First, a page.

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OSS

4 Truths From Inside Open Source Marketing at SUSE

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OSS
SUSE

Being in marketing within a company focused on, and dedicated to, Open Source (and Free) software is an interesting thing; Open Source projects are not often associated with being particularly great at marketing and communication. The focus tends to be on the software being developed, with a mindset to let the quality of the software speak for itself. That doesn’t negate the need for great communication and marketing, though. (Even truly amazing software won’t have a lot of users if nobody knows it exists.)

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Making music with field recordings and open source

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Hmmm... field recording. Well, as usual, Wikipedia has a good overview of field recording, including a mention of the use of smartphones as a recording device. And sure enough, my Android smartphone's store includes a reference to several apps that work for field recording. So I started thinking about open source options, and that maybe Audacity installed on a Linux laptop could also do the job, especially if connected to a decent microphone.

I looked around and found Steven Burnham Smith's thesis, in which he discusses the rationale for an autonomous audio field recorder (PDF), which he builds using an Arduino as the core (although I imagine a good case could be made for using a Raspberry Pi). Of course, the musically inclined, once back home with their field recordings, could add—à la Biosphere— musical elements, using an open source synthesizer (for example, ZynAddSubFX) and an open source drum machine (for example, Hydrogen).

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Open source lets Irish Taxes scale IT solutions

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OSS

The freedoms that come with open source software licences have set Ireland’s tax authorities free to scale-up its enterprise search. On top of that, using Apache Solr has greatly improved finding information on the Intranet and across the many network drives at the Office of the Revenue Commissioners. This would be unaffordable with proprietary software licences, says Cleo O’ Beirne, Content Team Manager at the Revenue Commissioners.

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Microsoft loves open source? Only when it's convenient

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Microsoft
OSS

But while this has been going on, you're not hearing about another part of Microsoft. Simultaneous with the Eclipse and SQL Server announcements, Microsoft announced it had successfully extracted patent licenses out of Wistron of Taiwan for its use of Android and out of Rakuten of Japan for use of Linux and Android. Though there’s been something of a lull in patent aggression lately, it has a long history and generates a significant revenue stream.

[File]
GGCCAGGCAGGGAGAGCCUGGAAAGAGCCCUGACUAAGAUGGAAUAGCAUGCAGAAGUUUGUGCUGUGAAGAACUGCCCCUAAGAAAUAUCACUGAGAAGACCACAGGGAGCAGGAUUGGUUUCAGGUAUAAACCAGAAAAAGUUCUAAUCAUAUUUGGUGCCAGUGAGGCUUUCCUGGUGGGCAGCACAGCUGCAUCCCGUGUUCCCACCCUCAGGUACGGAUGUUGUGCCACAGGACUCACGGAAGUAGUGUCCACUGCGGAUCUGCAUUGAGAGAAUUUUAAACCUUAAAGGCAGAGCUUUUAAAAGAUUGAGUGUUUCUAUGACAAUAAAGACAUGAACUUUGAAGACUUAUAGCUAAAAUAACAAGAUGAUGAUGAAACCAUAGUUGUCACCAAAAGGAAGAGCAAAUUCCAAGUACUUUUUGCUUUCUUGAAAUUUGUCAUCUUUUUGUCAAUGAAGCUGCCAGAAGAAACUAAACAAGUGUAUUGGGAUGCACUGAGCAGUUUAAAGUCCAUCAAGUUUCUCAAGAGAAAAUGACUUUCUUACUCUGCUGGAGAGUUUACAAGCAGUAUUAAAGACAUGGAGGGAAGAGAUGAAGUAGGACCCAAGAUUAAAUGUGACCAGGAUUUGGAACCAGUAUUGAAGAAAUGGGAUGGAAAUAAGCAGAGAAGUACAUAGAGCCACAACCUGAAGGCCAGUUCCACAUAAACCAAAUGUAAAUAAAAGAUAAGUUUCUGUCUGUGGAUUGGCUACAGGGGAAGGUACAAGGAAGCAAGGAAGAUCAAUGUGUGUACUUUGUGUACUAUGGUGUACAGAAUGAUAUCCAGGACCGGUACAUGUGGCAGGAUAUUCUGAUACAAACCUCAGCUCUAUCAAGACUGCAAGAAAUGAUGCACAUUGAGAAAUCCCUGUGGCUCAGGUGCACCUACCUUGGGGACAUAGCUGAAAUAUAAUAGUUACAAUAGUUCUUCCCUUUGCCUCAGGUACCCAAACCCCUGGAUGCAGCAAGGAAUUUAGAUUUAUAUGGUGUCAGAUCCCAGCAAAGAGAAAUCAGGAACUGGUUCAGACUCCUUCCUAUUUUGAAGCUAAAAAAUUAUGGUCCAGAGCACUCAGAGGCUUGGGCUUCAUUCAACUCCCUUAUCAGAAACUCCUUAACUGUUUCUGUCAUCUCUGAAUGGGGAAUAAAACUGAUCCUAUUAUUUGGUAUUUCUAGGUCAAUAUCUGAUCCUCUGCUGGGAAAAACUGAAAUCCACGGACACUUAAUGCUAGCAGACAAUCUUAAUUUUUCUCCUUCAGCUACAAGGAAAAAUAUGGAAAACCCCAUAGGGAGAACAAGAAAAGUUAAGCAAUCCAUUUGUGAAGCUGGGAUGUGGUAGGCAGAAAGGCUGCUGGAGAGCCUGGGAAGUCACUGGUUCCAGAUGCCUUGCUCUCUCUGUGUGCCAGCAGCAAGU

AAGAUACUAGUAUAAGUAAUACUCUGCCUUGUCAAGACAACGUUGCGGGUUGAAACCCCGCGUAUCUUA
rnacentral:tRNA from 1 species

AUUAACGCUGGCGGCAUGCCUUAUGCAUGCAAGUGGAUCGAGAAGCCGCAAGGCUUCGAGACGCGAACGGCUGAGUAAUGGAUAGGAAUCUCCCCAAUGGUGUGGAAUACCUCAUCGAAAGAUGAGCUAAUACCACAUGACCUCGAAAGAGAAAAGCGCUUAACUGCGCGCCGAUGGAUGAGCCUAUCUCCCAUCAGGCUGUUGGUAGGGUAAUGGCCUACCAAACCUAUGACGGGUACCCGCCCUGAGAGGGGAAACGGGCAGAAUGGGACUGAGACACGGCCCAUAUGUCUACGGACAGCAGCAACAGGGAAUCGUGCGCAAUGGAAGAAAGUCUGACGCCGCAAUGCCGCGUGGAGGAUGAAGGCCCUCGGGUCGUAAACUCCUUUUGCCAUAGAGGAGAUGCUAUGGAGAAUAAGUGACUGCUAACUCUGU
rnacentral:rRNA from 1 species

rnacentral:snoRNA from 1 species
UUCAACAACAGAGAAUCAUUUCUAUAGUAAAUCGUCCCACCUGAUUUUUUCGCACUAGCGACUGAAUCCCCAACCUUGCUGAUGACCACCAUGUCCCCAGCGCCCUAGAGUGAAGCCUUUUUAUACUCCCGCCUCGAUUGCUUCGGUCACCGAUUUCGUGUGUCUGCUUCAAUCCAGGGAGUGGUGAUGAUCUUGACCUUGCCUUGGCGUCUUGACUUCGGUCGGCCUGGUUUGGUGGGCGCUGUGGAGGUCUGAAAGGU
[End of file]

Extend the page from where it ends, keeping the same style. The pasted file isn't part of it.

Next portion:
Yes, that’s right: With one face, Microsoft wants us to forgive and forget the “cancer” comments, the dirty tricks, and the standards fixing. Even as the body of SCO lays slightly warm following the Redmond-financed fight against Linux, Microsoft wants us to overlook more than a decade of hostility and accept it as a full-status community member because it showed up with code, cash, and compliments. But with the other face, Microsoft wants members of the Android and Linux communities where it claims membership to pay up crates of cash for patent licenses or face destructive litigation.

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OpenStack News

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Server
OSS
  • OpenStack Deployment, Complexity Concerns Persist

    The OpenStack cloud-computing platform is making inroads in the datacenter where an industry survey found that 30 percent of early adopters are using it to support projects or for production workloads. Roughly the same percentage of respondents to the recent survey said they are evaluating the open-source cloud technology, primarily as a way of offsetting pricey public cloud alternatives.

  • Talligent report finds OpenStack still being debated in the industry
  • OpenStack, the open-source cloud, still gaining converts, survey shows

    OpenStack, the open-source cloud platform, has been embraced by many enterprises for private and hybrid cloud initiatives (and public as well, in some cases). As it matures, however, it is also experiencing growing pains. (The platform was first launched by NASA and Rackspace in 2010.) Namely, a lack of operational tools, security approaches, and lingering concerns about managing private/hybrid cloud cost structures are top challenges facing OpenStack adoption,

  • Rackspace's Upgraded Bare Metal Servers Integrate OpenStack